For health outcome modeling, the study population is restricted to Medicare FFS inpatient admissions with an admission date in 2017 to avoid any potential complication that could arise from the International Classification of Diseases, 9th Edition (ICD-9) to International Classification of Diseases, 10th Edition (ICD-10) coding transition. We studied only beneficiaries having continuous enrollment in Medicare parts A and B (FFS), but not C (MA), for the 12 months prior to the admission. We further required continuous enrollment in Medicare parts A and B for the subsequent 6 months or until their date of death (whichever came first). We compared patient-level variables of patients admitted during 2017 who did and who did not have sepsis code during an inpatient admission. Please refer to the first article in this set for definitions of explicit sepsis used in this study set.
To isolate the effects of an initial sepsis event rather than recurrences of an infection, we analyzed each beneficiary’s first sepsis admission in 2017 and further required that the beneficiary have no prior inpatient sepsis admissions in the 12 months leading up to their admission date. (Acute inpatient admissions that did not gain an explicit sepsis code were allowed.) This restriction echoes the diagnostic prevalence study reported in the second article of this set. There were a total of 1,122,863 inpatient admissions with a sepsis diagnosis code in 2017 that reflected 915,083 unique beneficiaries. We are reporting on 736,189 unique beneficiaries with an initial sepsis admission in 2017 who had no sepsis admissions during the prior year and were enrolled in Medicare parts A and B (FFS), but not C (MA).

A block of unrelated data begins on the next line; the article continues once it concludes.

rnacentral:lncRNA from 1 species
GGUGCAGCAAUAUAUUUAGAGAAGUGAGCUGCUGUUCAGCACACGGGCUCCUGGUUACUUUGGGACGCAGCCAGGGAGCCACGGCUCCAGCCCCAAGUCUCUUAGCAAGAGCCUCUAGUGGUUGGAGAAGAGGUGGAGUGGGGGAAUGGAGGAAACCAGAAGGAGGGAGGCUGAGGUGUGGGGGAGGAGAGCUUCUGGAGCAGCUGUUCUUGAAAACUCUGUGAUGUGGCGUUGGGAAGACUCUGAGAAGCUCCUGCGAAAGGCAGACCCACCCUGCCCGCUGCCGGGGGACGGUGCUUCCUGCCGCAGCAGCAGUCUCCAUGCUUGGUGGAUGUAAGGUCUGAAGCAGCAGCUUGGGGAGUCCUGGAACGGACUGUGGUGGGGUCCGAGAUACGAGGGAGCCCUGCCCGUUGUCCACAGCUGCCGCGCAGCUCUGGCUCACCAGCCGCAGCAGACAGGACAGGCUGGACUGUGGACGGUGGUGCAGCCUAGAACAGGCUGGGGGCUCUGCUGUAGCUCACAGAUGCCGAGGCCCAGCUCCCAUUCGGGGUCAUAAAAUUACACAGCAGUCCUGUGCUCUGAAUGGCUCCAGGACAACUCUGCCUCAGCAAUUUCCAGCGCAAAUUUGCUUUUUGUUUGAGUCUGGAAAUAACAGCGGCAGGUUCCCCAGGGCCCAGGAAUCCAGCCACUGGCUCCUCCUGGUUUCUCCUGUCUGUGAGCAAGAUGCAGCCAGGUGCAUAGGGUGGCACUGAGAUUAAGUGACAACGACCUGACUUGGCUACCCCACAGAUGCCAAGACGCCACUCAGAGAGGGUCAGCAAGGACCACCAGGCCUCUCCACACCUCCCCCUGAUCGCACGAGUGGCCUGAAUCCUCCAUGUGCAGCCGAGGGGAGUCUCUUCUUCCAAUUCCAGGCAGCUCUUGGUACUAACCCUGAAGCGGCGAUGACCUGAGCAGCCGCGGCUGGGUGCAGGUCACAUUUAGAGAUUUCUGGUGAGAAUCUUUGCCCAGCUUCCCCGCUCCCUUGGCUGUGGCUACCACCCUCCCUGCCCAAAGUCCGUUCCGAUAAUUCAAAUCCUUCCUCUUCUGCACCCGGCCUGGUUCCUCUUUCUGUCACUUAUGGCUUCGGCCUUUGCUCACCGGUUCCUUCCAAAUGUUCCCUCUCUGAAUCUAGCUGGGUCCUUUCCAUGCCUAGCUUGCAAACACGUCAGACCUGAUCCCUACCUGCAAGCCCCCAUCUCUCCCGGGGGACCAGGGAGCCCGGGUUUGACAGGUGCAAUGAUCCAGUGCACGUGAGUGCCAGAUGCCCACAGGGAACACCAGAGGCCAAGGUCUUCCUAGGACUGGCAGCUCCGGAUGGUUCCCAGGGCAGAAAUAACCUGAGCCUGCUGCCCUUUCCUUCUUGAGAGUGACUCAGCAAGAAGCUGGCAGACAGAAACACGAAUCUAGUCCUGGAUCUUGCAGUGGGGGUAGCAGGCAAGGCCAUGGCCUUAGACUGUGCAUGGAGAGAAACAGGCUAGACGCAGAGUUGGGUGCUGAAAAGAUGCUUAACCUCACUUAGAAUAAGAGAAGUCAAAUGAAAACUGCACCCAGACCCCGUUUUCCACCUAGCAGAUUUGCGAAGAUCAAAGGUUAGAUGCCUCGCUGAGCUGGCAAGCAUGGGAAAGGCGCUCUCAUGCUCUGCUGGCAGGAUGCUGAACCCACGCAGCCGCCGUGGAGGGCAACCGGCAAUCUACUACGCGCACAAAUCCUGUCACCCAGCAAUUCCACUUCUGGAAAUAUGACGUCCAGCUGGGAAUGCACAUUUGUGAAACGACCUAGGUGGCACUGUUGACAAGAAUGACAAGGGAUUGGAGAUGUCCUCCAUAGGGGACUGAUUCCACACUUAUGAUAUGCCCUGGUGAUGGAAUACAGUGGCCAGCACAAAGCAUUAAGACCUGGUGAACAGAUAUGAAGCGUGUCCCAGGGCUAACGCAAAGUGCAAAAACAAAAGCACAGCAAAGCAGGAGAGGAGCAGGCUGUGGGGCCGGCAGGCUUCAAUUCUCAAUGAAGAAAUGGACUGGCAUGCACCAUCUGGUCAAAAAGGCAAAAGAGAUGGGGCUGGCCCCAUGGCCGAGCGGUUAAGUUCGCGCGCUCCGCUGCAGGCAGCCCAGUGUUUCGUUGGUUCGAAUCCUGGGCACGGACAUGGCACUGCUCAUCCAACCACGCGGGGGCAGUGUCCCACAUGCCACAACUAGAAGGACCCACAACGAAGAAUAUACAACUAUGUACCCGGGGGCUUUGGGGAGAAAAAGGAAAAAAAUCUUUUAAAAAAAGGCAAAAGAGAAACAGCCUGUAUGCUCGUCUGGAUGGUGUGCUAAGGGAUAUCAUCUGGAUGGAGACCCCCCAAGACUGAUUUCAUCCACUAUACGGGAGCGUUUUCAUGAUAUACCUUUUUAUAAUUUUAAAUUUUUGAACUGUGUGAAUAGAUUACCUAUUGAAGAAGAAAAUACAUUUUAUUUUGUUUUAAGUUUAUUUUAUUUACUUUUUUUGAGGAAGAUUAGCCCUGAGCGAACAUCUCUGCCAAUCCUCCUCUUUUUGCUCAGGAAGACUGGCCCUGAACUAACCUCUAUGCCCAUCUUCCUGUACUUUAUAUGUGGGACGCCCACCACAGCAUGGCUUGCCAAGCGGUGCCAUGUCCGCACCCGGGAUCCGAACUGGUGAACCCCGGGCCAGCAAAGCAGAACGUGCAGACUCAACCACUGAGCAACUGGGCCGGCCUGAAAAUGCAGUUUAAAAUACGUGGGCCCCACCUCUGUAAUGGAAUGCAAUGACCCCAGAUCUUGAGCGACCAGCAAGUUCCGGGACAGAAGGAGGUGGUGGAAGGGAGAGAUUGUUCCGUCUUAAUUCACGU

We used HCCs to estimate the influence of comorbidities on outcomes of the acute inpatient admission. Center for Medicare and Medicaid Services (CMS)-HCC risk adjustment models are generally used to calculate risk scores that predict individual beneficiaries’ healthcare expenditures relative to an average beneficiary. The associated comorbidities list for each inpatient admission was constructed using inpatient, outpatient, and professional claims from 12 months prior to, and inclusive of, the index admission. Additional healthcare utilization and outcomes following the inpatient admission were assessed using claims and reports during the 12 months following the index admission’s inpatient hospital discharge date.
STATA (Stata Statistical Software: Release 15; StataCorp LLC, College Station, TX) was used for logistic regression analyses. SAS (SAS software, Version 9.4 of the SAS System for Windows; SAS Institute, Cary, NC) was used for financial forecasting.